The so-called “resistance” to Donald Trump’s administration has been growing since the day of his inauguration, taking on anything from LGBTQ rights and immigration policy to health care, racial justice, prison reform, and imperialist foreign policy. In our Front Lines series, Fusion speaks to activists leading the charge in all kinds of ways.
Sarah Zapolsky doesn’t consider herself an activist—she tells me as much almost immediately upon picking up the phone. She’s not some lurking Deep State agent performing work slow-downs to stall legislation: She’s a mom, a researcher, and a nerd. But, as a proud government employee acquainted with the standards of her industry, she also knows when something is done sloppily—and how easy it is to punk someone who isn’t doing diligence.
There are a number of whimsical ideas on the website collecting proposals for Trump’s border wall, as a journalist for the Center for Investigative Reporting discovered earlier this month—in part because a few government employees, fluent in how these contracts are usually supposed to be granted, were digging what the center referred to as a “bureaucratic pothole.” One proposal, drafted by a State Department social scientist, imagined a wall of cacti manned by foxes that could smell “smugglers, terrorists, and haters.”
By the constraints imposed by the original process, Customs and Border agents were required to read and answer all questions posed by potential vendors. A huge number (for example: “Could we build a wall of solar panels, which meets the proposed border wall requirement, sell the energy generated back to Mexico, and have that count as that country paying for the wall?”) were obviously posed in jest.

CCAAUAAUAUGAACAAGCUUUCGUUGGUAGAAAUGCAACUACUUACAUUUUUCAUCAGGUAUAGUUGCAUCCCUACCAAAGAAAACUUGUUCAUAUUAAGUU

Since early March, when the call for proposals was initially released, the bidding process has been stalled three times and altered to prevent just these kinds of flagrant proposals. Sarah Zapolsky, one of the women sending them, estimates that up to 75% of the original 700 “interested vendors” were pranks. This interview has been edited and condensed for clarity.
I read you were at HUD—have you worked for the government long?
By training, I’m a researcher, specializing in low-income and vulnerable communities—like older women, women in poverty. I haven’t always been a government employee. I was in food nutrition and analysis for a year and a half, and then at citizenship and immigration at DHS for two and a half years. Now I’m a social science analyst at the U.S. Department of Housing and Urban Development. I’m a survey researcher, and I work with big government datasets. You might not know this, but a lot of these datasets, you can’t have access to them unless you work for the government.
But make it totally, completely clear, I’m acting as a civilian here.
And what brought you to this project?
Well, to do my job, I have to learn how to do government contracts. That’s tons of training. And fast-forward a bit: I’m reading GovExec [a public news site geared towards federal employees], and they’re saying they’re going to open up the bidding for this stupid border wall, and then four days later, close the bid.
And I was like, “What?! That’s insane.” I’d never seen that before. I was so insulted, you don’t give somebody a $20 billion dollar project, and only four days to respond. And this was happening around the first Muslim travel ban, which I had to explain to my kid.
And having worked in Citizenship and Immigration, the part of the DHS that’s, like, “Give us your tired, your poor,” it had a real impact on me. And of course, everyone at DHS had no idea. They were running around, trying to figure out if it was legal, if it would work. And the answer, of course, was no.
Having been on the receiving end of [government contracts], if you go out to people who are pre-approved, even then it’s a tremendous amount of work. They were going to have to slow this down. Under that proposal structure, they had to read everything you received. It was a requirement. So if they didn’t read everything, they would have been publicly not following the rules.